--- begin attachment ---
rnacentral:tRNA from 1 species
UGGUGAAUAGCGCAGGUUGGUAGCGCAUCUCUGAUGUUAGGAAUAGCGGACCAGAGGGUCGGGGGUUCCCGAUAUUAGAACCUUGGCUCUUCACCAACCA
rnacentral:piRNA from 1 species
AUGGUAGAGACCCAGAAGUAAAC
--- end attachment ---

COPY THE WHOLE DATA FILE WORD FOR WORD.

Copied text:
rnacentral:tRNA from 1 species
UGGUGAAUAGCGCAGGUUGGUAGCGCAUCUCUGAUGUUAGGAAUAGCGGACCAGAGGGUCGGGGGUUCCCGAUAUUAGAACCUUGGCUCUUCACCAACCA
rnacentral:piRNA from 1 species
AUGGUAGAGACCCAGAAGUAAAC